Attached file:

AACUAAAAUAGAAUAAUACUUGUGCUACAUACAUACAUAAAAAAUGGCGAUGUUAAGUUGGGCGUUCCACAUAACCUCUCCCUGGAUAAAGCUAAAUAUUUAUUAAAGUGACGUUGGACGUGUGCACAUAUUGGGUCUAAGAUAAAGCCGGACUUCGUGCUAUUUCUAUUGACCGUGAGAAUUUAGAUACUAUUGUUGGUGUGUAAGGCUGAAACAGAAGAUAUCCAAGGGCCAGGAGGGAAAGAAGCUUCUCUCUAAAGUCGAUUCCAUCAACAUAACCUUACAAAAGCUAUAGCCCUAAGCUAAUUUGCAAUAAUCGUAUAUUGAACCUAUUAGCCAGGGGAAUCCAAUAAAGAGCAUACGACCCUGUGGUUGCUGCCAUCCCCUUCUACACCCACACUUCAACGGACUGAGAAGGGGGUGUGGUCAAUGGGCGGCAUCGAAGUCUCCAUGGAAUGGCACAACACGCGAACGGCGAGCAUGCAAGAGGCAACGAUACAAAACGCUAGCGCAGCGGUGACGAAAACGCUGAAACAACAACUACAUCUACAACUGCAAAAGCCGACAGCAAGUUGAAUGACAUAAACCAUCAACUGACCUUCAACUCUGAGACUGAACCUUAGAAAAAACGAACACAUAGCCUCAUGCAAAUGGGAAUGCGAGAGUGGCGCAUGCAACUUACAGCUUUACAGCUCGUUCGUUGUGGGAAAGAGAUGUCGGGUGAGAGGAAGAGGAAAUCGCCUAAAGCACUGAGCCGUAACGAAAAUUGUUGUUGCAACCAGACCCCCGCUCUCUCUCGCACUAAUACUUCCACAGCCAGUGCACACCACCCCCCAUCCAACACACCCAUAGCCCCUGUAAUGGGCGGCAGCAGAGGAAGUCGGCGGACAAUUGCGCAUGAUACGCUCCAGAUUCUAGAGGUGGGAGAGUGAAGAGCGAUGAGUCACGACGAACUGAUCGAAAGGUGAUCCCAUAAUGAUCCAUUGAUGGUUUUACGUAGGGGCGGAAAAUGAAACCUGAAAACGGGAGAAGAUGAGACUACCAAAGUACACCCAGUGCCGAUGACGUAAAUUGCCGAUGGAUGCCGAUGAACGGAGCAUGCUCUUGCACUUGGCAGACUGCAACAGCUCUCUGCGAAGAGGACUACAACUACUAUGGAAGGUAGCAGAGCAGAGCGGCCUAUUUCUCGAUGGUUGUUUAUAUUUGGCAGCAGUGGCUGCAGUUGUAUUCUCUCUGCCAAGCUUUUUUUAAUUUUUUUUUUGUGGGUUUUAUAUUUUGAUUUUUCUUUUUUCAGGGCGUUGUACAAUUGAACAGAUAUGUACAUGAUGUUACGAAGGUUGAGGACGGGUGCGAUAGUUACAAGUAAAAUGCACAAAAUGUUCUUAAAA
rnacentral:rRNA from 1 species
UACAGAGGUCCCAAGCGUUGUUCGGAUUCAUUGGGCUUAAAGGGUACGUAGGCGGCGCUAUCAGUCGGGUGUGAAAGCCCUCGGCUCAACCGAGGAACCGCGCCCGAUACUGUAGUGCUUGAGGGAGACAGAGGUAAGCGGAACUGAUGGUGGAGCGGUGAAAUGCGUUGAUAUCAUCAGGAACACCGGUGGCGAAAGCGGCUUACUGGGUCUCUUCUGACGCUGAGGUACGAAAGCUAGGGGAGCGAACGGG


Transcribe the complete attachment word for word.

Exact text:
AACUAAAAUAGAAUAAUACUUGUGCUACAUACAUACAUAAAAAAUGGCGAUGUUAAGUUGGGCGUUCCACAUAACCUCUCCCUGGAUAAAGCUAAAUAUUUAUUAAAGUGACGUUGGACGUGUGCACAUAUUGGGUCUAAGAUAAAGCCGGACUUCGUGCUAUUUCUAUUGACCGUGAGAAUUUAGAUACUAUUGUUGGUGUGUAAGGCUGAAACAGAAGAUAUCCAAGGGCCAGGAGGGAAAGAAGCUUCUCUCUAAAGUCGAUUCCAUCAACAUAACCUUACAAAAGCUAUAGCCCUAAGCUAAUUUGCAAUAAUCGUAUAUUGAACCUAUUAGCCAGGGGAAUCCAAUAAAGAGCAUACGACCCUGUGGUUGCUGCCAUCCCCUUCUACACCCACACUUCAACGGACUGAGAAGGGGGUGUGGUCAAUGGGCGGCAUCGAAGUCUCCAUGGAAUGGCACAACACGCGAACGGCGAGCAUGCAAGAGGCAACGAUACAAAACGCUAGCGCAGCGGUGACGAAAACGCUGAAACAACAACUACAUCUACAACUGCAAAAGCCGACAGCAAGUUGAAUGACAUAAACCAUCAACUGACCUUCAACUCUGAGACUGAACCUUAGAAAAAACGAACACAUAGCCUCAUGCAAAUGGGAAUGCGAGAGUGGCGCAUGCAACUUACAGCUUUACAGCUCGUUCGUUGUGGGAAAGAGAUGUCGGGUGAGAGGAAGAGGAAAUCGCCUAAAGCACUGAGCCGUAACGAAAAUUGUUGUUGCAACCAGACCCCCGCUCUCUCUCGCACUAAUACUUCCACAGCCAGUGCACACCACCCCCCAUCCAACACACCCAUAGCCCCUGUAAUGGGCGGCAGCAGAGGAAGUCGGCGGACAAUUGCGCAUGAUACGCUCCAGAUUCUAGAGGUGGGAGAGUGAAGAGCGAUGAGUCACGACGAACUGAUCGAAAGGUGAUCCCAUAAUGAUCCAUUGAUGGUUUUACGUAGGGGCGGAAAAUGAAACCUGAAAACGGGAGAAGAUGAGACUACCAAAGUACACCCAGUGCCGAUGACGUAAAUUGCCGAUGGAUGCCGAUGAACGGAGCAUGCUCUUGCACUUGGCAGACUGCAACAGCUCUCUGCGAAGAGGACUACAACUACUAUGGAAGGUAGCAGAGCAGAGCGGCCUAUUUCUCGAUGGUUGUUUAUAUUUGGCAGCAGUGGCUGCAGUUGUAUUCUCUCUGCCAAGCUUUUUUUAAUUUUUUUUUUGUGGGUUUUAUAUUUUGAUUUUUCUUUUUUCAGGGCGUUGUACAAUUGAACAGAUAUGUACAUGAUGUUACGAAGGUUGAGGACGGGUGCGAUAGUUACAAGUAAAAUGCACAAAAUGUUCUUAAAA
rnacentral:rRNA from 1 species
UACAGAGGUCCCAAGCGUUGUUCGGAUUCAUUGGGCUUAAAGGGUACGUAGGCGGCGCUAUCAGUCGGGUGUGAAAGCCCUCGGCUCAACCGAGGAACCGCGCCCGAUACUGUAGUGCUUGAGGGAGACAGAGGUAAGCGGAACUGAUGGUGGAGCGGUGAAAUGCGUUGAUAUCAUCAGGAACACCGGUGGCGAAAGCGGCUUACUGGGUCUCUUCUGACGCUGAGGUACGAAAGCUAGGGGAGCGAACGGG